An Irish immigrant lands in 1950s Brooklyn, where she quickly falls into a romance with a local. When her past catches up with her, however, she must choose between two countries and the lives that exist within.
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In late 1951, Eilis Lacey, a young Irish girl, emigrates to Brooklyn. Sponsored by Father Flood, a priest from her native town Enniscorthy, she is assured to find a full-time job there. But the early days are tough, seasickness being soon replaced by loneliness and homesickness, two feelings all the more acutely felt by Eilis for having had to leave behind her widowed mother and her dear sister Rose. She nevertheless little by little manages to find her footing by adapting to her job as a salesgirl, by studying bookkeeping at Brooklyn College as well as with a little help from both Father Flood and Mrs. Kehoe, the owner of the boarding school she now lives in. And not only does graduation follow but love shows its face in Tony, an Italian-American plumber, full of adoration and respect for her. They end up marrying, although keeping the thing secret. It is at that point that tragedy strikes inciting Eilis to return to Enniscorthy to support her mother morally. And there a strange ... Written by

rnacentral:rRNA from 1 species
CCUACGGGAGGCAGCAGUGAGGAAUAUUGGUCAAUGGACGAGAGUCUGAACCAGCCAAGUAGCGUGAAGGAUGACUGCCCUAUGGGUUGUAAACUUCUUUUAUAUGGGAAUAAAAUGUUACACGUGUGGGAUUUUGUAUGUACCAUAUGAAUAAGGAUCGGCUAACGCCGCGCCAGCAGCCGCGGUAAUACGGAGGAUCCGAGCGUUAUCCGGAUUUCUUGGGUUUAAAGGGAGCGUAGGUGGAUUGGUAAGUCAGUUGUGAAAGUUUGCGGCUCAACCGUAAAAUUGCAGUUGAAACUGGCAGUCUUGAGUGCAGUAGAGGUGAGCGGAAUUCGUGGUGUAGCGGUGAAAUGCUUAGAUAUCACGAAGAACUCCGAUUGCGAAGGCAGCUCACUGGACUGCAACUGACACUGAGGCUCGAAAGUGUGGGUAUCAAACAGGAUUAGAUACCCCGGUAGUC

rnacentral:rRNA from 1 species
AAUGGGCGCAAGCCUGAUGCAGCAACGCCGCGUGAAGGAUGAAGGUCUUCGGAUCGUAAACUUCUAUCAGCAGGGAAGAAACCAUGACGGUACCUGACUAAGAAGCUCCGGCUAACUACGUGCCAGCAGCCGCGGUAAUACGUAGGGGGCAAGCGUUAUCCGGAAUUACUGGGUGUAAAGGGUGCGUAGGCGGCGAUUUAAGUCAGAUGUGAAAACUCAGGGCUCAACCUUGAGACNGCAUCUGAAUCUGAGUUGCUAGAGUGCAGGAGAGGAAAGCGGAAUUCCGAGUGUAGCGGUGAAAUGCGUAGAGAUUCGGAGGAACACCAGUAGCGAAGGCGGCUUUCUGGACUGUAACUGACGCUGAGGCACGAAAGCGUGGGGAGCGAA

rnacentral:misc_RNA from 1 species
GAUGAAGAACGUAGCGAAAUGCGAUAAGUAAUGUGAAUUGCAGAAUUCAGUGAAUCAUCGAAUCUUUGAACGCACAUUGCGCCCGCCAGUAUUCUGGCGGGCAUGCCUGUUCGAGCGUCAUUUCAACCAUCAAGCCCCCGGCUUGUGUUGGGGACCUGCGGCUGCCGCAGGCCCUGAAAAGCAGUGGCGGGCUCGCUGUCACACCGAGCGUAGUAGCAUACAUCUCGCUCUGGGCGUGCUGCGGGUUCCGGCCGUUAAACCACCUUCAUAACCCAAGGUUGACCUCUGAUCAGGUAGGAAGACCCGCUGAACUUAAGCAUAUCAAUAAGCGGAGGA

Looming skyscrapers in a distant land, the kindness of strangers, love and hope for a better life; such things open the eyes of Eilis, a smart and insular immigrant to 1950s Brooklyn, to opportunities she did not have in the Irish countryside. While at first lonely and homesick in this new cityscape, Eilis is soon enthralled with the bright possibilities, encouraged by all she is learning and charmed by the people she meets. She breaks free from her shell and shines in this radiant, unfamiliar realm. Returning to Ireland for what she hopes is a brief stay, Eilis both sees through and is seen in a luminous and different light. Both worlds, New York and her Irish home, now pull the new and improved Eilis in different directions.
Saoirse Ronan is spectacular in her performance as Eilis. She really makes this Sundance hit come alive. It is comforting, as always, to see a film that does not depend on explosions, computer graphics and alien contagions to entertain. There is a deeper pleasure here, one that pulls at mind, spirit, body and heart together. Visuals, story, organization, acting, intriguing characters and more, all come together well.
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